In case of inflammation, it is best to first see your doctor, who will certainly advise you to use a pain-relieving ointment and then refer you to a specialist. Together with him or her, you can discuss further steps, such as whether you need a splint, a special shoe or surgery, depending on the Hallux valgus angle and the severity of the symptoms.
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What is a Hallux valgus angle and when is surgery necessary?
The Hallux valgus angle describes the extent of the toe malposition and is the angle between the longitudinal axis of the big toe and the 1st metatarsal. You are probably also wondering when an operation for the toe deformity will be necessary or when you can still use aids such as shoes. Plasters etc. Indicators such as the hallux valgus angle and the intermetatarsal angle are particularly important for an operation. Both angles, i.e. also the hallux valgus angle, are drawn on the X-ray before the operation. The Hallux valgus angle in particular is used to determine the severity of the Hallux valgus and thus to assess whether an operation is necessary. Basically, one can say that the greater the hallux valgus angle, the greater the likelihood of an operation.
In the case of chronic pain, restricted mobility, severe joint wear or if the toe threatens to stiffen, or if it is beginning to stiffen, you should ask your doctor for his or her opinion, or seek a further, specialist opinion. Depending on the hallux valgus angle, the big toe is straightened or the affected joint is stiffened during the operation in order to limit the overmovement. Sometimes, depending on the Hallux valgus angle, several techniques are combined.
However, before you should consider Hallux valgus angle or surgery, in weaker stages, other Aids can be used. Surgery to correct the Hallux valgus angle should really be a last resort treatment. Subsequent treatments aim to relieve your pain and prevent Hallux valgus from progressing. Likewise, the normal functioning of the foot, toe, etc. should be restored or maintained. One therapy to accomplish this is a Hallux valgus splint: it is designed to push the big toe away from the other toes through mechanical pressure, muscles and tendons adapt over time and the deformity can be corrected. Depending on the model and the degree of deformity, you wear the splint either at night or during the day, although you may still experience pain at first.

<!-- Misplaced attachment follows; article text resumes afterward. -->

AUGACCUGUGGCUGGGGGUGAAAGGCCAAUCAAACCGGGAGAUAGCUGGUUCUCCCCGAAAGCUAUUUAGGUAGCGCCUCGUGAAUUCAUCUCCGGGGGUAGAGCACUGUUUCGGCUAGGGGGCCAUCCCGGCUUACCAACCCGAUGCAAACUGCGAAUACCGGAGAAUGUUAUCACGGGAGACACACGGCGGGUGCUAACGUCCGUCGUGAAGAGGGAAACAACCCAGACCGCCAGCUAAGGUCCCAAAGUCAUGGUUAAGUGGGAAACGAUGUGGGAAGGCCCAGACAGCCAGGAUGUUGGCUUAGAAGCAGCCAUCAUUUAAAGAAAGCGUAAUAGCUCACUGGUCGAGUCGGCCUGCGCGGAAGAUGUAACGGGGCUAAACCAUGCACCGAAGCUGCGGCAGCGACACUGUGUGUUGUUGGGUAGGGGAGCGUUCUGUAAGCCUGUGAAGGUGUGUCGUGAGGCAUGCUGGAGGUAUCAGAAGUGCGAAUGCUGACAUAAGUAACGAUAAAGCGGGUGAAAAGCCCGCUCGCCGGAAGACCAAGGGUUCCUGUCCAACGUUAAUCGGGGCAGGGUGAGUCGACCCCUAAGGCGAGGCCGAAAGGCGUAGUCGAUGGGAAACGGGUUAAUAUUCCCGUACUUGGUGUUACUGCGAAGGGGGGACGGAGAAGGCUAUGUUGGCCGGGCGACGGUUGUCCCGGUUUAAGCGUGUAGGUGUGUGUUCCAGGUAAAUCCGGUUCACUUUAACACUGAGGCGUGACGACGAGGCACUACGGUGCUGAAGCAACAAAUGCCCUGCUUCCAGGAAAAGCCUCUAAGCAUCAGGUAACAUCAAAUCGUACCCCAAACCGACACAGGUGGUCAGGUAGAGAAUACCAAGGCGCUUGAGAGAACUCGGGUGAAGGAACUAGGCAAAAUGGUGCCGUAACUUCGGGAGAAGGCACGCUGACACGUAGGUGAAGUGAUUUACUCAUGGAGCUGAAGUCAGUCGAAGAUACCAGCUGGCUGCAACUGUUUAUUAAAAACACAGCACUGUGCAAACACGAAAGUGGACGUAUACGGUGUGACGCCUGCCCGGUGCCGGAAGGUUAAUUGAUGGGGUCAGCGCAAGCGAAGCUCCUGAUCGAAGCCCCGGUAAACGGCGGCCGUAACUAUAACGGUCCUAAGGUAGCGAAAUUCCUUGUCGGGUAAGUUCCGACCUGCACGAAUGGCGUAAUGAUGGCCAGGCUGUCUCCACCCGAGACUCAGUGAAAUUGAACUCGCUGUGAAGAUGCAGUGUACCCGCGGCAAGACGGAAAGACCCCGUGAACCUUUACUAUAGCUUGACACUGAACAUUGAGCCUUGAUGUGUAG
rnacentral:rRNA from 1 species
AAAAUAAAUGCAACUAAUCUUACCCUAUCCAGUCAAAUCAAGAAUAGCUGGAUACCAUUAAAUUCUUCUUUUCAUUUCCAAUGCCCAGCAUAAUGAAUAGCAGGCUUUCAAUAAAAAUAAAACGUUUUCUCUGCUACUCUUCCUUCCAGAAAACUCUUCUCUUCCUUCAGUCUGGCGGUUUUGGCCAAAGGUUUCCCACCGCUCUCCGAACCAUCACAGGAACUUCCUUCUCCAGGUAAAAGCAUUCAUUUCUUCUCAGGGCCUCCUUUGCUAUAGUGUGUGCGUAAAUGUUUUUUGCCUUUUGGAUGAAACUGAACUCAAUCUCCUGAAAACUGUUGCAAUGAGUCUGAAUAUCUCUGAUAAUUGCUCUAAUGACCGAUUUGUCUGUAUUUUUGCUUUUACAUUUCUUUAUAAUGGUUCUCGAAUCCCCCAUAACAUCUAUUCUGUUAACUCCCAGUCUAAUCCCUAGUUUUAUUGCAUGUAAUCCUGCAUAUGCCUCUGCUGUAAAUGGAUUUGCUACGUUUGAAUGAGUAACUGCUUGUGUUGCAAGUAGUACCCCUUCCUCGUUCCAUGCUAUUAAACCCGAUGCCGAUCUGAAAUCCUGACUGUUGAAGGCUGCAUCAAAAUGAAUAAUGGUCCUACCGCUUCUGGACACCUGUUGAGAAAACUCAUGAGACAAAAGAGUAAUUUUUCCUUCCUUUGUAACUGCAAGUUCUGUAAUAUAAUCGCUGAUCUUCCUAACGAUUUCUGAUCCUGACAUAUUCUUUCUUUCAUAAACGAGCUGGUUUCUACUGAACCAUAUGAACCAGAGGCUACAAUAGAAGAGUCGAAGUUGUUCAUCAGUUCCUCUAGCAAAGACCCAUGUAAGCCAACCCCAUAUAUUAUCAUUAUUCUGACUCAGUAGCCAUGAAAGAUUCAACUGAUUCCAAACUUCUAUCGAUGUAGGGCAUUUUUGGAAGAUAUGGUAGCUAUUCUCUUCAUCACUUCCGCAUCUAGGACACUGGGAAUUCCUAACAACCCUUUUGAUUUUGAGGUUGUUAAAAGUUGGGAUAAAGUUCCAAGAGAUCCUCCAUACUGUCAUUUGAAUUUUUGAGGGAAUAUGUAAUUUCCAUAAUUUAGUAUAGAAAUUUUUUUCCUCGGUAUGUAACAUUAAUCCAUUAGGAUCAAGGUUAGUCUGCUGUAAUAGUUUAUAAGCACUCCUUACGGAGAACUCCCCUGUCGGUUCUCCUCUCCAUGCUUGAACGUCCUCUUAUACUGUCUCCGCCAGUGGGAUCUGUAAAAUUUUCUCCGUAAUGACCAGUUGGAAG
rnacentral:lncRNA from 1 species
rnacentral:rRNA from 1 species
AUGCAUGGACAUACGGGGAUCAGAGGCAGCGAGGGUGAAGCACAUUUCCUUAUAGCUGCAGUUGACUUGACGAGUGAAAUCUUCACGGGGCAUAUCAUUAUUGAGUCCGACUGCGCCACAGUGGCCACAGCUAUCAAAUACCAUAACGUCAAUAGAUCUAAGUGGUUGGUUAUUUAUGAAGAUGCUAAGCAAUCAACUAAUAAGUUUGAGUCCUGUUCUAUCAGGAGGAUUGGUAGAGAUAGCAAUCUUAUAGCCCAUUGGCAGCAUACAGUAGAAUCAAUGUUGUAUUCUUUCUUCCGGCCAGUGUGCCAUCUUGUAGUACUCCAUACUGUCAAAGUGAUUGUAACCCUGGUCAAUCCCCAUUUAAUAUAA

Hallux valgus - also known as bunions - is a malposition of the big toe that can not only cause pain, but also prevent the sole of the foot from rolling correctly. This in turn can lead to further pain, so that aids such as special foot orthoses or even an operation become necessary. Hallux valgus shoes or even an operation may become necessary. The causes are varied and range from weak connective tissue, a splay foot or even wearing shoes that are too tight/not suitable. Wearing high-heeled shoes can also promote Hallux valgus, as the resulting pressure compresses and strains the joints at the base of the toes. Familial predisposition often plays a role - weak connective tissue is inherited, which favours Hallux valgus.
Pain in retirement
Depending on the severity, Hallux valgus pain often occurs during movements such as walking or running, but can also cause pain at rest. The pain does not have to be permanent, but comes and goes. The cause is often due to pressure points or inflammation that occur at the ball of the big toe, especially when shoes are worn too tightly. Other reasons why hallux valgus can cause pain are bursitis in the area of the big toe or inflammation of the synovium.
Inflammation - which home remedies help?
Inflammation in particular is extremely painful. Fortunately, there are a few home remedies that can help against inflammation. For example, squeeze marigold petals and collect the juice. You can then apply the juice to the affected area several times and let it take effect. You can repeat this procedure several times a day. On the other hand, you should be careful with cooling or heat - cold can have a rather painful effect on the respective area.
Hallux valgus inflammation ointment
In addition to calendula, which you can squeeze and use yourself, the pharmacy also offers a good calendula ointment as an alternative, which achieves the same effects. You can also apply this to the painful area a few times a day and let it take effect.
Hallux Valgus Voltaren
If the pain is more severe, it may be appropriate to use pain-relieving ointments such as Voltaren pain gel for a short time. This contains the active ingredient diclofenac, which is particularly pain-relieving and can help to treat inflammation. However, ointments or tablets should not be taken permanently; you should always ask your doctor for advice.
The pain can occur in different places, but most often the focus of the pain is in the area of the big toe and the surrounding tissue. However, the pain can also occur on the underside of the metatarsus or on the ball of the foot - especially if the shoe is literally pressing.
You will certainly ask yourself this question before treatment or even surgery, as it depends mainly on the angle of the Hallux valgus. In principle, however, it can be said that a deformity of the big toe does not simply go back on its own. However, especially in the early stages, a worsening of the condition can be stopped and contained so that the Hallux valgus angle is relatively small and surgery is often not necessary.